- Sheets – You’re going to want at least two sheets, one to cover the bed/table and the other to cover the person’s body. Of course, adding a comforter over the top sheet can feel much more comfortable and warmer. Just be sure to not spill oil or lotion onto your nice comforter. If you have a massage table with a face cradle, you’ll also need to cover that with either a face cradle cover or a pillowcase that is folded in half and then folded down on both sides so it looks like a pentagon with a space in the middle for the face.
- Pillow/Headrest – Depending on whether or not you’re going to be using a massage table or not, you will need a pillow or headrest, so that the recipient doesn’t have to be face first into the bed or table. Breathing is normally very important to relaxation.
- Pillow/Bolster – You will also need a firm pillow or bolster to rest beneath the ankles of your recipient.
Preparing Your Massage
Here are the steps to preparing for your massage.
- Ready the Oil/Lotion – Make sure the oil is warm. Microwave it for less than a minute (or until the oil melts if you’re using coconut oil) and put it in an easily open able bottle or pump. If you use lotion, you don’t normally have the option to warm it up. Just make sure to have your hands warm and rub the lotion between them before applying it to the body. Cold lotion will make muscles tense rather than relax.
- Ready the Sheets – Set the sheets, one for the bed and one for the client, and have them ready, so that the recipient can get undressed and easily get between them.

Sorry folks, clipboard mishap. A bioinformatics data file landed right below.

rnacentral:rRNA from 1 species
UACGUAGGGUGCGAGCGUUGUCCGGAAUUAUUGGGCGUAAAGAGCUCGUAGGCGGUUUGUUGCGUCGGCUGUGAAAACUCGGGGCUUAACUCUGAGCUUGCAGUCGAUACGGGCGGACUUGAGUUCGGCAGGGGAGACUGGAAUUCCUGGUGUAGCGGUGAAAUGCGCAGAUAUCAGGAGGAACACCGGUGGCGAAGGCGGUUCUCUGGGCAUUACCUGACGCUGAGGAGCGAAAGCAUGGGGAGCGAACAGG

- Positioning Your Client – If the recipient needs privacy, leave the room so they can take off their shirt and bra if they’re wearing one and get beneath the sheets. If this is just a back massage, the recipient doesn’t need to be fully unclothed. Make sure that the pants that they wear are comfortable to lie down in, like sweats or gym shorts. If the person receiving a massage has long hair, ask them to put it in a bun before you start as this will generally get caught in between your fingers when massaging their shoulders. Also make sure to explain how you want them to position themselves when getting underneath the sheets. If using a massage table, have them put their head into the face cradle with their stomach against the table and their back facing up. They can either let their arms dangle in front of them and off the front of the table, to their sides with their upper arm on the table and their forearm dangling off of the sides of the table, or they can lay them on their sides flat against the table. If using a bed, make sure their side is facing towards you, close to the edge of the bed with their arms crossed over a pillow and their head resting over their arms. You won’t have easy access to their shoulders, but the other alternatives is having them turn their heads to their sides, which can often times end with a relaxed back but sore neck.
- Bolster their Ankles – When they’re ready for you to enter, come in and make sure their positioned correctly. Then raise or have them raise their ankles and put a bolster or firm pillow right beneath their ankles, under the sheets as well if you plan on using the bolster or pillow on someone else.
- Draping the Sheets – Peel away the top sheet from the client, folding it so that it exposes their back. If they are wearing pants or underwear, pull them down just a little beneath their hip bone and gently tuck in the sheet into their underwear. If they are not wearing underwear, gently tuck in the sheet around the outsides of the hips.
Giving a massage can be a pleasurable and relaxing experience just like receiving one can be though I'm sure the recipient is much more grateful in the end. The key to giving a good massage is preparation. Both physical and mental. After you've finished setting up your work station, do a little bit of stretching and deep breaths. Once you're done, step up to their body and get to work.